The First Fruits of a Fragile Peace

When I heard the news of the cease-fire between the Nicaraguan government and the U.S.-backed contras, and when I saw the pictures of Sandinista and contra officials standing side by side singing Nicaragua's national anthem, I couldn't help thinking of the Nicaraguan women I met there four years ago.

I thought of the women in Pantasma whose husbands and fathers had been killed in a brutal contra attack, and how they had cried and begged for peace. I remembered 7-year-old Consuela, with whom I had picked coffee in the lush hills surrounding Matagalpa.

And I wondered if these women were celebrating the cease-fire. Would they be preparing extra tortillas for a simple feast? Would they, too, be singing the songs of their beautiful country? Or would they be too war-weary to do anything but utter a special prayer of thanks before falling asleep to dream of a silent night without gunfire?

Then, as always happens when I think of these women, I wondered if they still were alive. Had they lived to see their country's first day of peace in six years, or were they among the 50,000 Nicaraguans who have died in the tragic, U.S.-sponsored war?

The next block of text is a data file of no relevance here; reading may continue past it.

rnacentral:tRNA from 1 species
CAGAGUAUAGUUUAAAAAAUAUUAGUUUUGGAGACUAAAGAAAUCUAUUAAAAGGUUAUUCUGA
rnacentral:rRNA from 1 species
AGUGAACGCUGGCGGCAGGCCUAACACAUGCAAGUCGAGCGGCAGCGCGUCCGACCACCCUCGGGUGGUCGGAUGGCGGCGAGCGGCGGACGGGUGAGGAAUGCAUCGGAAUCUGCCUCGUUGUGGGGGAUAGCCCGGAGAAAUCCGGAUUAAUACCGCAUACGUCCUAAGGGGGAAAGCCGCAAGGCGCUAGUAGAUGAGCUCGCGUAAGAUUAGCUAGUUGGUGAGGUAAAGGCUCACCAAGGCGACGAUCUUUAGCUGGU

Many U.S. peace activists have expressed reservations about the cease-fire, and such mixed feelings are understandable. The Reagan administration had, after all, succeeded in forcing the Nicaraguan government to sit down at the bargaining table with a small, terrorist group that has very little popular support. And this fragile cease-fire had been bought with an awful and deadly price. Furthermore, even as this is written, the U.S.-managed contras threaten to scuttle the hard-won agreement. Still, there is much about the cease-fire for which to be thankful.

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